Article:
Drug regulator goes on trial
The country's disgraced former top drug regulator went on trial yesterday accused of taking bribes to approve untested medicine, a court official said, in a case highlighting the safety problems in the country's drug and food chains. An official of the press office of the Beijing No. 1 Intermediate Court, who would give only his surname Wang, confirmed that the trial of Zheng Xiaoyu (鄭筱萸), former director of the State Food and Drug Administration, had started. The trial comes as China's international image for food and drug safety has been tarnished with allegations that tainted ingredients from Chinese companies ended up in products blamed for deaths in Panama and for killing pets in the US.
Court denies using feng shui
A court in Guangdong Province, where several corrupt judges have been arrested, has denied hiring a feng shui master to change its luck, a state-run newspaper said on Tuesday. The China Daily quoted an official from the Shenzhen Intermediate People's Court as saying there was no truth to the allegation even though there has been some remodeling at the court. Feng shui is the ancient Chinese art of trying to place things to achieve harmony with the environment. It is common for businesses and households to change furniture and even placements of doors according to feng shui principles to overcome bad luck.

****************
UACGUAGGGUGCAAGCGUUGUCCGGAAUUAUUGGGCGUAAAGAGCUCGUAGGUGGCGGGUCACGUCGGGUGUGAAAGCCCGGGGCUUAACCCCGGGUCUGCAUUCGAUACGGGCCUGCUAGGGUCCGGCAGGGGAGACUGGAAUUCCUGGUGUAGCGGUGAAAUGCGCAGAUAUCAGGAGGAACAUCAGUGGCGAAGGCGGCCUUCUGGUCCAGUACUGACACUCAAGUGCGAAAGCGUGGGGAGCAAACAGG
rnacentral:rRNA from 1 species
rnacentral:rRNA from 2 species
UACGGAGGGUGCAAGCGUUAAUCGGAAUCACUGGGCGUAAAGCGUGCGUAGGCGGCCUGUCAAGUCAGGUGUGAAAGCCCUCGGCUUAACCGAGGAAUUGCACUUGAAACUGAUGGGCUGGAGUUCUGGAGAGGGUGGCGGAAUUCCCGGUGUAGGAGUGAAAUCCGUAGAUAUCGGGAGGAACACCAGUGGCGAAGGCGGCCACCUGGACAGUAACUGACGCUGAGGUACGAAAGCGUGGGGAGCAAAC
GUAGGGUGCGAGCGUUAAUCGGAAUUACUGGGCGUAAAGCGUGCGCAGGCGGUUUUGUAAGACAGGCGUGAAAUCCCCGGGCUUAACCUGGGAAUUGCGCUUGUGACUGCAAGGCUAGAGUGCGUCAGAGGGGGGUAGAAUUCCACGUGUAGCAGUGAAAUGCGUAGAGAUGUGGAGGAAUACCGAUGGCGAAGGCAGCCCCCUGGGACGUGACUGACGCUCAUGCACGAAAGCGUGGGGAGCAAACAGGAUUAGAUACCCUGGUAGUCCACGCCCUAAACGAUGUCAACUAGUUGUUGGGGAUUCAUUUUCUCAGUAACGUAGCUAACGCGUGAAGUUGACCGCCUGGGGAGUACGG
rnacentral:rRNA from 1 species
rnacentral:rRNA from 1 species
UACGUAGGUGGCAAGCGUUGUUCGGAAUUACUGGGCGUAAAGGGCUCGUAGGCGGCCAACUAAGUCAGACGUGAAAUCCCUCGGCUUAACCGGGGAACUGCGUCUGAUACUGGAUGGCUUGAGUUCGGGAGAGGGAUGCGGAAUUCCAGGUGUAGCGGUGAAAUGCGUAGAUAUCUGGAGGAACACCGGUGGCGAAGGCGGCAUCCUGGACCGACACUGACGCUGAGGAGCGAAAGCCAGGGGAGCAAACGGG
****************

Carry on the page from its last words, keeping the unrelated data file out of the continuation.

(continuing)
Toys linked to bombs
The country banned the sale of remote-controlled children's toys because of fears they could be turned into detonators for bombs, a local weekly journal reported on Tuesday. Toys such as model motor cars, planes and robots have been banned in Yangon since the first week of May, the Weekly Eleven journal said, quoting shop owners in the commercial capital. The toys in question were mostly imported from neighboring countries, the paper said, and the authorities would take action against anyone selling them.
■ SOUTH KOREA
Cult leader arrested
A cult leader accused of raping his female followers has been arrested in China and will face extradition, the justice ministry said yesterday. Jeong Myeong-seok, 62, set up a cult known as JMS after his initials. He fled South Korea in 1999, a day after rape allegations against him were aired on national television, Yonhap news agency said. Jeong was formally charged with rape in 2001 and arrested in Hong Kong in 2003 on visa violations. He fled an extradition hearing but was detained by Chinese authorities early this month. Former cult members, mostly young girls, have told police they were told to undress for a "health check" and to have sex with him to wipe out their sins.
Suu Kyi supporters detained
Authorities briefly held 15 supporters of detained opposition leader Aung San Suu Kyi yesterday, bringing the number rounded up in just two days to 55, activists said. The crackdown comes ahead of a May 27 review of her house arrest, which is expected to be extended further by the military-run state. Myo Min Soe, a youth member of Aung San Suu Kyi's National League for Democracy party, said he and 14 others were arrested yesterday morning as they left a pagoda after praying for the release of the democracy icon. Forty people who were arrested at two different locations in Yangon remain in detention, an activist said.